Reviews

The True Queen, by Zen Cho

elevetha's review against another edition

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2.0

Pre:



Post:

Ah disappointing. Predictable as feta. This bugged me, even if that wasn't meant to be a secret, maybe it should have been. And no, not the biggest fan of the relationships in this one.

brokebybooks's review against another edition

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5.0

I read Sorcerer to the Crown for the first time right before reading this one TBH. The True Queen flows perfectly from it.

I still really fucking love Prunella. Zacharias continues to get better. We see little of them as a honeymoon phase couple, sadly. But what I see, I like.

The romance level is exactly the same: companionship, glances & guesses. Except no one is suggestive or teasing about the w/w couple. Which sucks. I felt cheated out of more in a way absent from the Sorcerer to the Crown.

I love the unique POVs while learning more about Faerie, dragons, and the island.

I didn't see villian coming. I didn’t see the solution to the character’s problems though it was obvious retrospectively. I saw part of the ending coming & I think most would but how it comes about & turns out was all surprise. And getting there was all good.

I'd love more of the series. BUT I'd want more resoluteness & on page romance before the very end. Especially if the couple is marginalized. Why only white ppl & supernatural get to romance on page in fantasy?

I mean, I’ll read them but I won’t be as satisfied even if the other qualities continue to remain the same gold standard.

tome15's review

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4.0

Cho, Zen. The True Queen. Sorcerer Royal No. 2. Ace, 2019.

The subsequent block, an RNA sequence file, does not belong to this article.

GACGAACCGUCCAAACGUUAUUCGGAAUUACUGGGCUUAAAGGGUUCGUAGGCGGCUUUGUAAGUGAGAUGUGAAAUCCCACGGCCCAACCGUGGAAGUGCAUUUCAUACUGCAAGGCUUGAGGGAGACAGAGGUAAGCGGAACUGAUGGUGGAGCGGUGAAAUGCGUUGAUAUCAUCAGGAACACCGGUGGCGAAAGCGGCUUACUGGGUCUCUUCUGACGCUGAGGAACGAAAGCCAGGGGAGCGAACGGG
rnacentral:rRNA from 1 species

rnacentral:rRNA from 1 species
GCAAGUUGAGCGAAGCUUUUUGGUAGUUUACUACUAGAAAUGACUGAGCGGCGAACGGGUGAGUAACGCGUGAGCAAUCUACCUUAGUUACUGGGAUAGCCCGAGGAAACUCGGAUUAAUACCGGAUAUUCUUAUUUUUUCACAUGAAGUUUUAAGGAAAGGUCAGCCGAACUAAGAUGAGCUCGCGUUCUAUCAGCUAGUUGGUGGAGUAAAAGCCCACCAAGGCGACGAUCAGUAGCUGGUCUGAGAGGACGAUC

Malaysian fantasy author Zen Cho is a hot property. It has been five years since the first novel in this series appeared, and judging from the reviews, her readers thought the wait was worth it. But for me, the elements of this novel don’t quite come together. It begins well enough with the story of two sisters who suddenly appear on a fictional island, and who both suffer from amnesia. They are taken in by a local witch, who tells them someone has stolen something from them. One sister, Sakti, has an abundance of magical ability but is overconfident and self-absorbed. The other, Muna, lacks magical ability but is kind and self-sacrificing. Clearly, one sister needs to learn humility, and the other needs to gain self-confidence. I like the story arc that it produces, but then the plot starts. The witch sends them on a magical journey to London to discover who has stolen pieces of their souls. They arrive at a London that is a bit like Jane Austen’s world, except that there are dragons and other magical creatures masquerading in human form and an aristocracy rife with magicians and more racial and ethnic diversity than Jane Austen ever dreamed of. From here on the book adds genre tropes and punching prosocial buttons—critiquing discrimination based on race, class, and gender. The sisters’ coming of age story, the whimsical fairy world, and the Regency romance with its anachronistic social themes all too often get in each other’s way. Cho has a nice prose style and good command of the smaller elements of her narrative structure, so it is easy to see why her fans are drawn to her. 4 stars, but it is not for me.